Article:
How I Quit Smoking And How You Can Too*



*This is a collaborative post*



A journey in a nutshell of one man's struggles with quitting smoking and how he finally overcame this most hideous demon.



Growing up as a young boy I was surrounded by smokers. Everyone in my family smoked. Everyone. All eight of my blood aunts and uncles, mum, dad, grandparents, older brother, everyone; And I detested it. My younger brother and I would draw and make non-smoking signs and stick them to the front door of the house, in every room, on the windows and furniture, even one’s which we folded to sit without falling on the dashboard of the car. As an adolescent, sports took over my life and I was absorbed into a really healthy lifestyle; I eventually went away to university to study for a degree but also to enjoy the tremendous sporting opportunities on offer there. Unfortunately in my very first game for the university's rugby league team I seriously injured my shoulder which had to be reconstructed and so for 18 months I had a metal hook plate and screws holding me together. Gone was the rigid discipline of training and playing all kinds of sports and so it was during this dark dark time when my guard was down and I was carefree in enjoying the nightlife and fun that being a student offers that someone offered me a cigarette outside a bar an offer which I drunkenly foolishly obliged and thus partook in smoking it.



I guess you could say that was the first step. It was a gradual process I suppose reflecting on it now. You have the occasional cig while drunk and before you know it you’re buying ten packs before a night out then twenty packs then a ten every few days then everyday. Then you tell yourself, ‘this really isn't economically sensible to waste money buying ten cigarettes everyday’, so then you convince yourself the ‘wise' move is to purchase a twenty pack every other day but then twenty is gone in no time at all and now suddenly you're buying a pack of twenty little white death sticks every single morning.




Looking back it was really such a seamless transition from non-smoker to social smoker to full time chimney. Smoking cigarettes is a complete hypocrisy of the everything I believe really in terms of looking after one's own health, so earlier this year after failing my New Years Resolution of not smoking a single drag from midnight on; (On which note, I vividly remember mentally instructing myself to be strong and not give in to such pitiful vices, that this is my ultimate one and only ‘Cannot-Fail’ mission of 2017, no matter what!). I think if I remember rightly that by about two minutes past I had a lovely Davidoff cigarette handed to me, one of the posh coloured ones which I smoked in celebration of the new year . . . any excuse.



Such were the depths of my affair with the cigarette, such was the level of absolute self-delusion, and my absolute weakness of mind in conquering this horrible habit which I knew was not worth the fortune spent nor the bad breath. So earlier this year, being a great believer in the old saying, ‘if at first you don't succeed try and try again', I remained staunchly undeterred by my prior failure in quitting at the turn of the year and the several hundred failures previous to that; I can now officially state that I no longer smoke cigarettes. And no, I'm not going to go all Uncle Buck on you and now disclose a five year plan to quit completely which goes along the lines of now that I've quit cigarettes I’m onto cigars now, then I’m going to move on to chewing tobacco etc. I mean I quit smoking tobacco full stop, cold turkey-ish. I didn’t utilize any of the free services to help quitters on the NHS nor did i use any patches or gum. I just decided to bite the bullet and stop. But, but, but . . . How? . . .Why? I can hear you ask.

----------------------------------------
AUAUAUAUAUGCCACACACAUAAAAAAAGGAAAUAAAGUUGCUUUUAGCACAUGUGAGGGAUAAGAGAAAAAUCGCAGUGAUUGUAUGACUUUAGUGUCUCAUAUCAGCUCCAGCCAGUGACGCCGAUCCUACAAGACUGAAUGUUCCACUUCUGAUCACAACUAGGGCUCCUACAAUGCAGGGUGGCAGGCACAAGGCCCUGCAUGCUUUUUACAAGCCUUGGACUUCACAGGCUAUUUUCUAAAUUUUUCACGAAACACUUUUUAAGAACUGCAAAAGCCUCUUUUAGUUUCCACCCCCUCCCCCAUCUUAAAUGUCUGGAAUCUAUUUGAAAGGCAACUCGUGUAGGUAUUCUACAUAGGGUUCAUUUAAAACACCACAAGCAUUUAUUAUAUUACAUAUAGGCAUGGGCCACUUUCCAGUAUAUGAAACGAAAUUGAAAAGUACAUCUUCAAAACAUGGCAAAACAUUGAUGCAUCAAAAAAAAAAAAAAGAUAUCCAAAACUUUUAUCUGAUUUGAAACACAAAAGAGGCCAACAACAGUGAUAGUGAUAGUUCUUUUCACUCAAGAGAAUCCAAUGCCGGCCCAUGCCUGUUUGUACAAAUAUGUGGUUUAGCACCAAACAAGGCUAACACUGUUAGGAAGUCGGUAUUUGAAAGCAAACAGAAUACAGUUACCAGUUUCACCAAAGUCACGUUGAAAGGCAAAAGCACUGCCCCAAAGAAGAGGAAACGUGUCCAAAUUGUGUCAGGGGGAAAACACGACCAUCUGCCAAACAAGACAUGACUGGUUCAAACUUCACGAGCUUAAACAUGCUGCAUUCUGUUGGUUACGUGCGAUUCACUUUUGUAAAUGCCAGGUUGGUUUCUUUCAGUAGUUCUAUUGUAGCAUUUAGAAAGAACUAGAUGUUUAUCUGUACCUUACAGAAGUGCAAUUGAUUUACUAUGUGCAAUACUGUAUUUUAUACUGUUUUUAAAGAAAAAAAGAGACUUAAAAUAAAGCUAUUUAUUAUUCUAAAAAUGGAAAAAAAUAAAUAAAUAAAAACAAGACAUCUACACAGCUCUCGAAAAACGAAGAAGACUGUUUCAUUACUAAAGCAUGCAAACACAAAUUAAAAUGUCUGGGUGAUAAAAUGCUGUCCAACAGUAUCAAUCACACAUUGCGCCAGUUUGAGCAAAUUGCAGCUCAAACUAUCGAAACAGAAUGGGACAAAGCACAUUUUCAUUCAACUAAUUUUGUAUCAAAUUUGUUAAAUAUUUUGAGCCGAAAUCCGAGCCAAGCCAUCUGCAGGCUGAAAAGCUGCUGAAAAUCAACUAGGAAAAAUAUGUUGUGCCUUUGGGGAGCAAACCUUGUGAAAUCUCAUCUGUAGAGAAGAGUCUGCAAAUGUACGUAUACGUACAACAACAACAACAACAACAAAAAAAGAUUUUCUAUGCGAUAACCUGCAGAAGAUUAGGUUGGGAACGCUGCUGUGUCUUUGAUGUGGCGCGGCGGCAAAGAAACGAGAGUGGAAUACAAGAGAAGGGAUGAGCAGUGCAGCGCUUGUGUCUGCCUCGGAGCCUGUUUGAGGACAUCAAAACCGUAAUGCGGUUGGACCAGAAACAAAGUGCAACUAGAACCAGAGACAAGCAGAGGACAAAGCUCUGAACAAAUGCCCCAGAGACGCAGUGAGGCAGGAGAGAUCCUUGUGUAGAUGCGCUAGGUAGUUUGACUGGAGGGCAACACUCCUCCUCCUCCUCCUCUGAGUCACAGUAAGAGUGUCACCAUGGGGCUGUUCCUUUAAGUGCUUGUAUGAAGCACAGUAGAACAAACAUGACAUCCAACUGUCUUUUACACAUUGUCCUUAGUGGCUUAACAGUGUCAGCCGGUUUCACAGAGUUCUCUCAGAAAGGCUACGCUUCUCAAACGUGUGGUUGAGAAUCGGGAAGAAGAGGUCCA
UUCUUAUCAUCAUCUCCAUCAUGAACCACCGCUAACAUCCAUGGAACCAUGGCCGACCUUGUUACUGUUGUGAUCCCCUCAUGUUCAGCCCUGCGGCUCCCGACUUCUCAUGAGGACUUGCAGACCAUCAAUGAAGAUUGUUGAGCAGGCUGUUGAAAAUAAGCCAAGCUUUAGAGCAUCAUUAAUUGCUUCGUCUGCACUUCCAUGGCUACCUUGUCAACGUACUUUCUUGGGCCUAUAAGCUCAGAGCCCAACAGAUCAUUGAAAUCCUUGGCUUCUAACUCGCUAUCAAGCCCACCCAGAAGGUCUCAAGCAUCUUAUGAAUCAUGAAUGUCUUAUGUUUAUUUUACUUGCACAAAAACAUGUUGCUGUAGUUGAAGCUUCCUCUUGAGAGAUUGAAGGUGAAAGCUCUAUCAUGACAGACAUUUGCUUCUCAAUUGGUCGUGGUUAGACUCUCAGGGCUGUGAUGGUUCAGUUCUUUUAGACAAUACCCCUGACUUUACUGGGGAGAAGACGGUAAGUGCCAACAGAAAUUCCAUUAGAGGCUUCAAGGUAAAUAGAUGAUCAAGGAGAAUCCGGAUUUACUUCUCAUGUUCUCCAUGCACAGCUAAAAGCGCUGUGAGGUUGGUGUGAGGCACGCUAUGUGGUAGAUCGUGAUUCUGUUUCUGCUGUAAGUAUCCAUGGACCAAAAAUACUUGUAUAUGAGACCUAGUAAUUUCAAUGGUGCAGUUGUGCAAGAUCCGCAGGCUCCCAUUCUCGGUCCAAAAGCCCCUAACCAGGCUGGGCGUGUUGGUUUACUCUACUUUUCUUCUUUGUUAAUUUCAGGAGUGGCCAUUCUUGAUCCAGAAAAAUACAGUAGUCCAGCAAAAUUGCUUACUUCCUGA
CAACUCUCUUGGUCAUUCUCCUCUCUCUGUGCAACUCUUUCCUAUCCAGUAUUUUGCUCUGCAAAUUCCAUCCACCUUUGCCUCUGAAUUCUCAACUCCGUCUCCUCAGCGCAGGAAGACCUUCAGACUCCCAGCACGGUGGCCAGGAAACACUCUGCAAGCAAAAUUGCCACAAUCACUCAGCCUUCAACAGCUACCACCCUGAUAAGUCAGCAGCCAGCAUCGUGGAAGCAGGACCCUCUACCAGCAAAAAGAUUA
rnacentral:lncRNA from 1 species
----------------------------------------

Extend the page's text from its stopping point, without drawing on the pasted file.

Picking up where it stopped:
Thanks to my friends who introduced me to vaping is the simple answer. It was a little odd to get used to at first as it is a little different to smoking a real cigarette obviously but the effects from the nicotine are the same. I also like the fact that you can gradually work your way down to taking in no nicotine at all if you are so inclined as I was. I'm disappointed I didn't find out more about vaping sooner, the benefits are so clear. Already a few months in and I don't cough half as much as I once did especially first thing in a morning. Of course seemingly everyone knows about vaping but if you find yourself in a position like me where you are struggling to quit smoking but still would like to quit then I would recommend you use whatever help you think you might need, the patches, the gum all that, but I would also recommend to anyone considering quitting smoking and/or switching to vaping to do so. I know for me personally vaping made giving up cigarettes so much easier.



If like me you cannot even imagine going a day without a cigarette or if you have failed to quit before, it is important to remember that everyone fails; In fact most of the successful people on earth are driven on by their failures. So let yours drive you and take control of your health, enjoy your life and put smoking firmly in the rear view. If I can do it anyone can. Set the right kind of example to your kids. My parent’s generation didn't know any better, but now we do and we should do whatever we can to prevent the next generation from following such a terrible lead.




*Written by Michael David.  

Michael is a graduate of the University of Durham. As well as writing he has a keen interest in various sports from Rugby Union to MMA, he is also passionate about Business, Finance and Current Affairs. 

You can read more from Michael here.




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1 comment :

  1. This is such an insightful post. I've never smoked but my mum did for 40 years or more and I'm so happy that she quit.

    ReplyDelete

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